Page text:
Glutamate carboxypeptidase II (GCPII) usually called prostate specific membrane antigen (PSMA) is membrane bound metallopeptidase expressed mainly in prostate carcinoma (PCa). Agents targeting GCPII suitable for both imaging and treatment of PCa are in development and they show promising results in advanced clinical trials. Some studies showed that GCPII may serve also as PCa blood serum marker, but this has not been validated due to the lack of methods suitable for accurate detection of GCPII in human blood. Moreover, GCPII is also expressed in brain, where it cleaves inhibitory N-acetyl-α-L- aspartyl-L-glutamate (NAAG) to release excitatory L-glutamate and GCPII inhibition has been shown to be neuroprotective in animal models of several neuropathies. Tight binding inhibitors of GCPII have been identified by rational design, but all have poor bioavailability and thus cannot be used in clinics. Identifying new scaffolds by 'brute force' screening methods is thus essential; however, no such method for GCPII has been developed so far. Glutamate carboxypeptidase III (GCPIII) is also expressed in brain and cleaves NAAG. It is thus an important protein for understanding of GCPII function as well as GCPII targeting in medicine. Here, we focused on development of novel methods for quantification of both...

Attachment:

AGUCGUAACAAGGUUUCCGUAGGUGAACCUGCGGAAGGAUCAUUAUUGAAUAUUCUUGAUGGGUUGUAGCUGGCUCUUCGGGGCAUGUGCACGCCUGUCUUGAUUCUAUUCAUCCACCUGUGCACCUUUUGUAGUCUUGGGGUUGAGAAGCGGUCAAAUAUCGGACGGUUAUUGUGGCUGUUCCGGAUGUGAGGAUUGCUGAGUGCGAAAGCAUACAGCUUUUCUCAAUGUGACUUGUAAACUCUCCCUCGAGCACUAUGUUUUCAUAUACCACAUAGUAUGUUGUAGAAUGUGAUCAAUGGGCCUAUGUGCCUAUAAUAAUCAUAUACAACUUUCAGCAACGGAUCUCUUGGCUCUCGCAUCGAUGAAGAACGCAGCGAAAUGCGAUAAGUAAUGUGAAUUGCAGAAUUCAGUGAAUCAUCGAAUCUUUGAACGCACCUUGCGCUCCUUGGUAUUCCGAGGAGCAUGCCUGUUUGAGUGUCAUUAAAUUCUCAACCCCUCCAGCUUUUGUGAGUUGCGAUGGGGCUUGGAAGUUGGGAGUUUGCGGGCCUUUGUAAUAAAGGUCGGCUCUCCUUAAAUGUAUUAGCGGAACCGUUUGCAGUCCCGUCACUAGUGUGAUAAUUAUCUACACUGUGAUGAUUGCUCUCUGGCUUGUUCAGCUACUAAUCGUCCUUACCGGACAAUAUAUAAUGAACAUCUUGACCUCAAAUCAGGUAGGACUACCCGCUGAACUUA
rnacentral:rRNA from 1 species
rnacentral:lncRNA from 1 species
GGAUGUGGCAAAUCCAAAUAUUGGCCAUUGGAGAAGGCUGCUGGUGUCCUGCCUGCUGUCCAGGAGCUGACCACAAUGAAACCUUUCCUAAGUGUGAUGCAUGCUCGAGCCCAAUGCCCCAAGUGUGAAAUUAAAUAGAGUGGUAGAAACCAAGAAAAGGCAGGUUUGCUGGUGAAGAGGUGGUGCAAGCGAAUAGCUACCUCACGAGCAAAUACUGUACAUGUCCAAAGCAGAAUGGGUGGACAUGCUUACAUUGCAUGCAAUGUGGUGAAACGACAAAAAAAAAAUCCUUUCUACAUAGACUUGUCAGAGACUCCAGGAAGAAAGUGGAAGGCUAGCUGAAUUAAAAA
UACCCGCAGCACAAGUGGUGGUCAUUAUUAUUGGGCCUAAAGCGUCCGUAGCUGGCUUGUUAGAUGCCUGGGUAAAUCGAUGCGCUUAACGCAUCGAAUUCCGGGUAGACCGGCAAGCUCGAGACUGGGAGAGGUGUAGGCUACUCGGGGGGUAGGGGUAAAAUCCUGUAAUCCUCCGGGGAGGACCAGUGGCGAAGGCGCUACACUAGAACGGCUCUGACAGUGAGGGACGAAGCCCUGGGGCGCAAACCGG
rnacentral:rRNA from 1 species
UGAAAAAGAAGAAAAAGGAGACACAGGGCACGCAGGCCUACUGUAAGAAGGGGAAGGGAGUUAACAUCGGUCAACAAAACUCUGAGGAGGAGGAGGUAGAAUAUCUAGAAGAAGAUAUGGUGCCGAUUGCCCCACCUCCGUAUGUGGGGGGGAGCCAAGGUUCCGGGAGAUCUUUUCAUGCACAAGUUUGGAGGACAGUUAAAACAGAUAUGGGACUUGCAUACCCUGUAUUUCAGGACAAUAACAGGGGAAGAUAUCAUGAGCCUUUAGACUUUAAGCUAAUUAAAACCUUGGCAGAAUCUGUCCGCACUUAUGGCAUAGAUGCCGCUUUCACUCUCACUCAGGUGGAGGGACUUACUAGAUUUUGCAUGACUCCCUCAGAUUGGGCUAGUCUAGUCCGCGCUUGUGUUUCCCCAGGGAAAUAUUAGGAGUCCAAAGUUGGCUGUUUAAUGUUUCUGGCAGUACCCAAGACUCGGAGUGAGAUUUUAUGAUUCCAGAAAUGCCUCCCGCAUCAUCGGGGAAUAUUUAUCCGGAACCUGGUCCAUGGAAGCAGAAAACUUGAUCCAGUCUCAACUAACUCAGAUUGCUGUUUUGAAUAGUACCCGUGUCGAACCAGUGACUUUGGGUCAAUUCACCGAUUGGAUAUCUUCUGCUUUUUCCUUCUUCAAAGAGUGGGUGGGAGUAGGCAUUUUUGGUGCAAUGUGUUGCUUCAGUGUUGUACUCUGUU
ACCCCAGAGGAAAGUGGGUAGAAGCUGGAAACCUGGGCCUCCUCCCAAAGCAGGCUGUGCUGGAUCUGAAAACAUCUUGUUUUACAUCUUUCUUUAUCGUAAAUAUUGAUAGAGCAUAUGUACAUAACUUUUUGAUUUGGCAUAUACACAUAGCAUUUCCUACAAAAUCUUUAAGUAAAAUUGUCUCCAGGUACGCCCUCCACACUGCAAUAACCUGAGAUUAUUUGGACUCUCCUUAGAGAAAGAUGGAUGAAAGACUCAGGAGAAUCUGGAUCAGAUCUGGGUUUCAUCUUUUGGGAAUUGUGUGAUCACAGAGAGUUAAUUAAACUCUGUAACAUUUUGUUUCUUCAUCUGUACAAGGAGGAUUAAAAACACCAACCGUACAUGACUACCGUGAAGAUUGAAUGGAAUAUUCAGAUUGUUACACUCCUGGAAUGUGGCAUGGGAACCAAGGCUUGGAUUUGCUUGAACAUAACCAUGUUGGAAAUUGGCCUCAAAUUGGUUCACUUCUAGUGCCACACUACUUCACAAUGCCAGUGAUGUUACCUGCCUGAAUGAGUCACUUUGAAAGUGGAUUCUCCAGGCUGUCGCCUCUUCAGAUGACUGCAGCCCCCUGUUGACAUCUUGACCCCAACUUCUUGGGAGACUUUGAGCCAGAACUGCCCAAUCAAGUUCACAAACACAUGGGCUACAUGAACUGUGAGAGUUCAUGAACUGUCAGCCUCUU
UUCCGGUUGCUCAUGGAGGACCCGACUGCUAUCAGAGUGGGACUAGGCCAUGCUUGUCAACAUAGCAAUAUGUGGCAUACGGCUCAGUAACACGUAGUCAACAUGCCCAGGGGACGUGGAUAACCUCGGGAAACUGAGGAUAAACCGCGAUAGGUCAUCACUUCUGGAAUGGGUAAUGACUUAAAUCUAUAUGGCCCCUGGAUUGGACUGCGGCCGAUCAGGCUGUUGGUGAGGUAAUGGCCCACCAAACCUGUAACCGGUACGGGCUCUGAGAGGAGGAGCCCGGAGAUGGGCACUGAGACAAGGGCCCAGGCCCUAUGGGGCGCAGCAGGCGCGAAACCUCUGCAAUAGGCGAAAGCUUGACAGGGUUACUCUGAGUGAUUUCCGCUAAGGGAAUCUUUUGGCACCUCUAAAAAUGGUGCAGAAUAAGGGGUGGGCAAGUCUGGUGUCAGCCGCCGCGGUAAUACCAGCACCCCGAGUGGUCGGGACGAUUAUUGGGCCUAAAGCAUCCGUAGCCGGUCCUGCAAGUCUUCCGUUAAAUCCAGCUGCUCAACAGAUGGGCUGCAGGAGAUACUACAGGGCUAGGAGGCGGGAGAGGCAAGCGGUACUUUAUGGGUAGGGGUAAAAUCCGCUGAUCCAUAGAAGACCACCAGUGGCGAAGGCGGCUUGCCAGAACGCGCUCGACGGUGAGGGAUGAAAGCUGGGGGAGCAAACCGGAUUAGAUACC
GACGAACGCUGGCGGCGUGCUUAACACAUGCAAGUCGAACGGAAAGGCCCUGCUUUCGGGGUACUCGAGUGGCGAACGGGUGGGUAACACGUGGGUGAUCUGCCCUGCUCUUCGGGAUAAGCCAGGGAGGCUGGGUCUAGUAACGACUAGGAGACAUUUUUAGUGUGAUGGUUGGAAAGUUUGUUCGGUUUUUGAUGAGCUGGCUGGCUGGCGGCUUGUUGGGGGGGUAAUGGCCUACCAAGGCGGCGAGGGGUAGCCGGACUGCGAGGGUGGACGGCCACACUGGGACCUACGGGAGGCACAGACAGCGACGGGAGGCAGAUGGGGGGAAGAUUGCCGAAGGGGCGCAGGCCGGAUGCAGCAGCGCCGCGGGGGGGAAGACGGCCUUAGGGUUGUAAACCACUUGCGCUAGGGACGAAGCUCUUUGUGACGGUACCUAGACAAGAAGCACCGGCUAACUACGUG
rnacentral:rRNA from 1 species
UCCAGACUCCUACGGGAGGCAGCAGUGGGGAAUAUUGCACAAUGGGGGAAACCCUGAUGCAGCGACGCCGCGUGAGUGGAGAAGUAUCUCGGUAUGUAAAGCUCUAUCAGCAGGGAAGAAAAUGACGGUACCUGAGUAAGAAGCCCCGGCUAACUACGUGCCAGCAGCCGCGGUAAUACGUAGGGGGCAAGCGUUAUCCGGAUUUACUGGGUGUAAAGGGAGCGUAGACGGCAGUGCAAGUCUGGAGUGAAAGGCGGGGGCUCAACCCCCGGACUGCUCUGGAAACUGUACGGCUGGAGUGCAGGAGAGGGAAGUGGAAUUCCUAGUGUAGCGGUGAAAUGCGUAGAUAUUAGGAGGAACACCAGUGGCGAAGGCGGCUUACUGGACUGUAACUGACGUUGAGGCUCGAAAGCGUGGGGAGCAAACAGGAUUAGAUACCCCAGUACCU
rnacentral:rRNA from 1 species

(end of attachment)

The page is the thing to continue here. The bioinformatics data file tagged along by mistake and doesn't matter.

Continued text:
Study of regulatory mechanisms of selected protein kinases
Petrvalská, Olívia ; Obšil, Tomáš (advisor) ; Jiráček, Jiří (referee) ; Schneider, Bohdan (referee)